Proposal Title

Using Clickers: Does Asking Open-Ended Questions Increase Student Performance?

Proposal Abstract

Constructivist theory indicates that students should perform better when required to create their own answer to a question. They should also exhibit increased comprehension and therefore perform better on follow-up questions on the same topic. To test this idea, students in a large introductory biology course were given different sets of questions. First, students were presented with an open-ended question where no potential answers were visible. After peer discussion, the same question was posed as a multiple choice question. Students were then immediately asked an isomorphic multiple choice question. For comparison, the same questions were asked in a different section of the same course but all questions were the standard multiple choice format. Preliminary data indicate that students perform better on when required to create their own answer. Also, it appears that this format increases student understanding such that they are more likely to answer the isomorphic questions correctly.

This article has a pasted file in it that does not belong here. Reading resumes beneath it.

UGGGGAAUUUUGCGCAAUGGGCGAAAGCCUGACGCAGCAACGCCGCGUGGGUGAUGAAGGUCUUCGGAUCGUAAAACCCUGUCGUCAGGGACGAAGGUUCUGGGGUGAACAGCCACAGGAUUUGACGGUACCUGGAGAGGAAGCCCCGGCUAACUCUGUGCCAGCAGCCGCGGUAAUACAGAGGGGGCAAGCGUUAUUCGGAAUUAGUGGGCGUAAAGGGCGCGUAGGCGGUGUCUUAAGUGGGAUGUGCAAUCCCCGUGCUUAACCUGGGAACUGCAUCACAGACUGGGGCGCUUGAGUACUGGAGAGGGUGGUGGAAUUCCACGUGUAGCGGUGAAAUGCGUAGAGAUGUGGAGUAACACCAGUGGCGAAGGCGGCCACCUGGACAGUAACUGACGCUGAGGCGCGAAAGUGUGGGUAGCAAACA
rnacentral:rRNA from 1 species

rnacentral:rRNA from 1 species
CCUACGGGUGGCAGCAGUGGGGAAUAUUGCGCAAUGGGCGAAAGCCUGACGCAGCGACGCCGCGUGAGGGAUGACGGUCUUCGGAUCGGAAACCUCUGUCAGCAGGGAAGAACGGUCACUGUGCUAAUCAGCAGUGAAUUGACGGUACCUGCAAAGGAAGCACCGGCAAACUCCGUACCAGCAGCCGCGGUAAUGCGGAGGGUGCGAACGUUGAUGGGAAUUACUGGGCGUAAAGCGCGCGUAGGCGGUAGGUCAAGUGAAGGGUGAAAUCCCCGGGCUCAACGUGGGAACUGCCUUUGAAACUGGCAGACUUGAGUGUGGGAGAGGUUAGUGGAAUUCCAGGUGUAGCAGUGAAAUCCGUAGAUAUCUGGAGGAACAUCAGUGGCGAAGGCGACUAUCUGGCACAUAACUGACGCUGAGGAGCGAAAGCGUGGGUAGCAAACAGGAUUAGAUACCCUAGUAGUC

Location

Concourse

Publication Type and Release Option

Presentation (Open Access)

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Mar 28th, 4:00 PM Mar 28th, 5:30 PM

Using Clickers: Does Asking Open-Ended Questions Increase Student Performance?

Concourse

Constructivist theory indicates that students should perform better when required to create their own answer to a question. They should also exhibit increased comprehension and therefore perform better on follow-up questions on the same topic. To test this idea, students in a large introductory biology course were given different sets of questions. First, students were presented with an open-ended question where no potential answers were visible. After peer discussion, the same question was posed as a multiple choice question. Students were then immediately asked an isomorphic multiple choice question. For comparison, the same questions were asked in a different section of the same course but all questions were the standard multiple choice format. Preliminary data indicate that students perform better on when required to create their own answer. Also, it appears that this format increases student understanding such that they are more likely to answer the isomorphic questions correctly.